However, history has taken a different turn now. Pessimism is once again back in fashion. The gloom across liberal intelligentsia is palpable. We are returning to the 1920s and 1930s is a favourite leitmotif across Europe. Boris Johnson may indeed redraw the map of his disunited kingdom. Donald Trump may win again. Narendra Modi has won again, and the paralysis that has struck the Congress Party makes some think that in 2024 the BJP might even win more than 400 seats. (As Harold Wilson said in another context, a week is a long time in politics; predicting what might happen in five years is a fool’s errand or an astrologer’s prerogative).

Is there, then, a historic inevitability and is civilisation’s future going to be the Hobbesian nightmare—short, brutish, and nasty? What are the Jeremiahs and Cassandras (gods in Greek mythology who have the gift of prophecy) saying that we aren’t listening to?

Resistance to strongmen

Who knew that a man jailed on an island and forced to break rocks at a limestone quarry for more than two decades would not only emerge out of that jail, but cast aside personal bitterness and make peace with his erstwhile tormentors, stressing reconciliation? And Nelson Mandela did just that. Who would have thought that a pipe-smoking playwright, jailed for disturbing the peace, would one day wave from a balcony in his city’s main square, and draw a heart on a piece of paper for anyone who asked, and bring about a velvet revolution? And that’s what Vaclav Havel did in Czechoslovakia.

A few decades earlier, who would have imagined that a 61-year-old vegetarian, wearing loincloth and not much else, carrying a walking stick would stand on a beach and lift salt from that coast and sink an empire? And yet, that’s what Mohandas Gandhi did. Who would have imagined that students who saw their revolution in an umbrella would bring one of the most dynamic cities in the world to a standstill, insisting on change? We don’t yet know the outcome, but that’s what the leaderless people in Hong Kong are doing.

We will never know the name of the man who stood in front of a tank in Beijing, at Tiananmen Square, who forced a tank to move sideways on that day in June 1989. What became of him, nobody knows, but that image is etched in our minds as an iconic memory, inspiring others to carry the torch of freedom.

Think of Alaa Salah, the 22-year-old Sudanese journalist, wearing white, who climbed atop a car this April and told the general who had ruled her country for a quarter century to leave. (Within days, he quit). And remember Olga Misik, who is 17, who sat in front of riot police in late-July, reading aloud the Russian Constitution. The power of an individual facing the might of weaponry. Think of Sudha Bharadwaj, Varavara Rao, Anand Teltumbde, Arun Ferreira, Stan Swamy, and others, jailed for speaking out for the vulnerable.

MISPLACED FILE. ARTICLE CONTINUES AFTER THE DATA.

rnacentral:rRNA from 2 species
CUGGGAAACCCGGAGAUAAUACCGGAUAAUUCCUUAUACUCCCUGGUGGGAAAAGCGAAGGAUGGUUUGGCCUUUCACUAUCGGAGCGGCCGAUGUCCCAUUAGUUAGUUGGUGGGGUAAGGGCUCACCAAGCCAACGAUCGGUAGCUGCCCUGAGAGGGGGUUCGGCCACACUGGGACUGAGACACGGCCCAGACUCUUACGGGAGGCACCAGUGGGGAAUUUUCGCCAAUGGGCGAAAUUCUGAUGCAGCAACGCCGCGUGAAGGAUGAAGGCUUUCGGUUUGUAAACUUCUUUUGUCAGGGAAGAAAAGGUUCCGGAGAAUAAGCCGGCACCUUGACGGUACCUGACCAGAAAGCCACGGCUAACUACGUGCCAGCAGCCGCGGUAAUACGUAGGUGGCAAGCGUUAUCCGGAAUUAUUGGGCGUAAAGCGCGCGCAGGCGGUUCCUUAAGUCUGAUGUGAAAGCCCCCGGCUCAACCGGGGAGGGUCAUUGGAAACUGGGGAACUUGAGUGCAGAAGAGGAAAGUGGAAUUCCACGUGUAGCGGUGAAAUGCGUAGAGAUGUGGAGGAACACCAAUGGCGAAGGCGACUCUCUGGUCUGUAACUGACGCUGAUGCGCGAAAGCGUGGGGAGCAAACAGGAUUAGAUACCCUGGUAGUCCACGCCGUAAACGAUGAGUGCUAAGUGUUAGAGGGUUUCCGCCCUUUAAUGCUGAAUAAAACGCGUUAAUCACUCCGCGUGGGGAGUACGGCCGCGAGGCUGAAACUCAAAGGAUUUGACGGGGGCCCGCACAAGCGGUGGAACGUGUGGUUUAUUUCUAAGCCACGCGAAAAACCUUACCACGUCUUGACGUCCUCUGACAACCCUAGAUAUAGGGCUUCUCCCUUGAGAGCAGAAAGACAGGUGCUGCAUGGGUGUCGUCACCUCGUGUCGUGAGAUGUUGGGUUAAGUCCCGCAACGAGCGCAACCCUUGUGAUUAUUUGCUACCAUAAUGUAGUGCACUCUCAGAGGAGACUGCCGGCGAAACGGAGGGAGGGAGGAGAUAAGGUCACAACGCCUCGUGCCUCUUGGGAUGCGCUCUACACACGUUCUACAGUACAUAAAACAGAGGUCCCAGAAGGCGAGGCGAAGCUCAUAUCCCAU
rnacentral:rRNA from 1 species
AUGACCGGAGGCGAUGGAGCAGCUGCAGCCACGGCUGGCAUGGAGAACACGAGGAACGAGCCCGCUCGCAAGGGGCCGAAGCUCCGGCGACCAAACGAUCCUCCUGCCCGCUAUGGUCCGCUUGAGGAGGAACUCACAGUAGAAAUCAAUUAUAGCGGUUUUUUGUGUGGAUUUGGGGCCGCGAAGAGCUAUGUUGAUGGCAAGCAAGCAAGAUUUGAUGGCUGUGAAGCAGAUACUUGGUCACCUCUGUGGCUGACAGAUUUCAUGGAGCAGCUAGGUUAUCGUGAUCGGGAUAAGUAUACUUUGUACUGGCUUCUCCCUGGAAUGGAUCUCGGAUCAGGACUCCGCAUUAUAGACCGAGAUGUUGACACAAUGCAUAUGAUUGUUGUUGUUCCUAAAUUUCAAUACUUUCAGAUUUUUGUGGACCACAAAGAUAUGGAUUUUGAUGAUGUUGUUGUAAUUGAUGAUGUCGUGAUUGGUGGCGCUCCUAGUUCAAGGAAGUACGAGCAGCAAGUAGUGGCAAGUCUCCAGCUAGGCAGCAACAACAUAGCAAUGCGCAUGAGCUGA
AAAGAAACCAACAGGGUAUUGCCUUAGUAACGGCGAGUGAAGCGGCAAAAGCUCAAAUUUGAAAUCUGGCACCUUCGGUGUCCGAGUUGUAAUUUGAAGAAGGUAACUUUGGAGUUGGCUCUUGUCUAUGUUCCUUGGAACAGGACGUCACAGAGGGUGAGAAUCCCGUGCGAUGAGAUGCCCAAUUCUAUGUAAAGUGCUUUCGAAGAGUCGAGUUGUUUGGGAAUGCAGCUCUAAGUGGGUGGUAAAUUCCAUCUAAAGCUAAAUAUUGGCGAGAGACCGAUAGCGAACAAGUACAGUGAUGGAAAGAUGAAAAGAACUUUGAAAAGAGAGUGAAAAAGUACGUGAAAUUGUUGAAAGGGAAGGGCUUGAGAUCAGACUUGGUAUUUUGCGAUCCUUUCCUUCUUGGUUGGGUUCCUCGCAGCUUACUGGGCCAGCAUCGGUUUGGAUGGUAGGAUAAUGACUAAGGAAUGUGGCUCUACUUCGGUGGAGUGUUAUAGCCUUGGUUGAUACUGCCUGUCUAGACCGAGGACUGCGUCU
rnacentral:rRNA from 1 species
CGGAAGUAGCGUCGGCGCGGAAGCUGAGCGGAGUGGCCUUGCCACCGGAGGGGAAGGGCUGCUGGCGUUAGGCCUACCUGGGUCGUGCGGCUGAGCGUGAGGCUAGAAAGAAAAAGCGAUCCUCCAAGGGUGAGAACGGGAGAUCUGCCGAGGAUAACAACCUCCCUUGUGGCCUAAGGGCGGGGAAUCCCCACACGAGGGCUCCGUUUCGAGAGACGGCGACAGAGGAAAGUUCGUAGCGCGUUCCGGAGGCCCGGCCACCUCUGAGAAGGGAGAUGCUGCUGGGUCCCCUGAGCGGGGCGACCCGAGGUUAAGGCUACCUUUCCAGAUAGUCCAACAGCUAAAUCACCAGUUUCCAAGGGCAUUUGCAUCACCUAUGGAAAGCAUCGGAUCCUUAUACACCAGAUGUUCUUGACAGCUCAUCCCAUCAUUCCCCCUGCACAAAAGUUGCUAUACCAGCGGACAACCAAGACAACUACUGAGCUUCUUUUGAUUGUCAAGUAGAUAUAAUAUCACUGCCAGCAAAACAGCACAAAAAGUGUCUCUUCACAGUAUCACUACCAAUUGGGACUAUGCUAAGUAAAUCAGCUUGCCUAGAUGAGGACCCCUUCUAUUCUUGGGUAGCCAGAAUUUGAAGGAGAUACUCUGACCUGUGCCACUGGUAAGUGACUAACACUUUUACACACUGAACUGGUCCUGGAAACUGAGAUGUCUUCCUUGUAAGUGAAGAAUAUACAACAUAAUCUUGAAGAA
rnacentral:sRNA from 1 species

These are the heroes of our time. They afflict the comfortable and comfort the afflicted, in the words of Arundhati Roy. They keep the idea of liberalism and individual rights alive. They defy the state, stand in front of tanks, wave Constitutions in the face of riot police, harangue a leader by standing atop cars. They dissent; they disagree; they challenge, they refuse to compromise; and they remind us about the need to debate and argue.

The power of openness

In Salman Rushdie’s 1990 novel, Haroun and the Sea of Stories, the Prince of Silence and the Foe of Speech is called Khattam-Shud. He rules the land of Chup (silence). It is a land that’s outwardly peaceful but conceals an inner fragility. Such societies, the novel shows, force the citizens to live a life full of lies. The cheer is contrived, the harmony is forced—like in a North Korean mass parade.

Open societies look unruly and messy, where everyone contradicts everyone else, where nothing is sacred. But that anarchy gives those societies an inner resilience, a certain strength. That strength is built on the courage that each individual has to speak without fear—not through swallowing words, not by looking around to see if someone is watching.

When Morarji Desai became prime minister in 1977 after Indira Gandhi’s defeat, he said he wanted an India free from fear. His government itself collapsed due to a set of inevitable internal contradictions, but on that day in March 1977, those words sounded so pure and so true... like the words of Indian-born writer Ved Mehta’s young niece, who told her uncle, “main election se badi khush hun" (I am so happy with the elections), as they saw rapturous Indians celebrate the end of the Emergency.

Rushdie writes in his novel: “All those arguments and debates, all that openness, had created powerful bonds of fellowship…. The Chupwalas (those from the silent land) turned out to be a disunited rabble, suspicious and distrustful of one another. The land of Gup (talk) is bathed in endless sunshine, while over in Chup, it is always the middle of the night."

Liberalism helps cast aside the dark cobwebs of ignorance and lifts a society from its meaner instincts which insist that the old order must prevail; old hierarchies must continue; that might is always right; and those who speak differently, think differently, eat differently, pray differently, love differently, or look different must comply, obey, and follow the rules set by those with power, those in majority.

Majoritarians may strut and fret their hour upon the stage as though there is no tomorrow, but there is always a tomorrow. Recall what Gandhi said: “When I despair, I remember that all through history, the way of truth and love has always won. There have been tyrants and murderers, and for a time, they can seem invincible, but in the end, they always fall. Think of it— always."

In the 150th year of Gandhi’s birth , and so close to India’s own day of independence, those words have a special resonance to the land of his birth—and even for the world. Gandhi wasn’t perfect. He wasn’t infallible. But there are few better paths towards freedom than the one he walked on, often alone. This is not the time, nor the place, for liberals to throw their hands up in despair and surrender and accept fate. Doing so would be profoundly illiberal. Walking on that path of peace and non-violence is hard, but sometimes it is the only way.

Salil Tripathi is a writer based in London.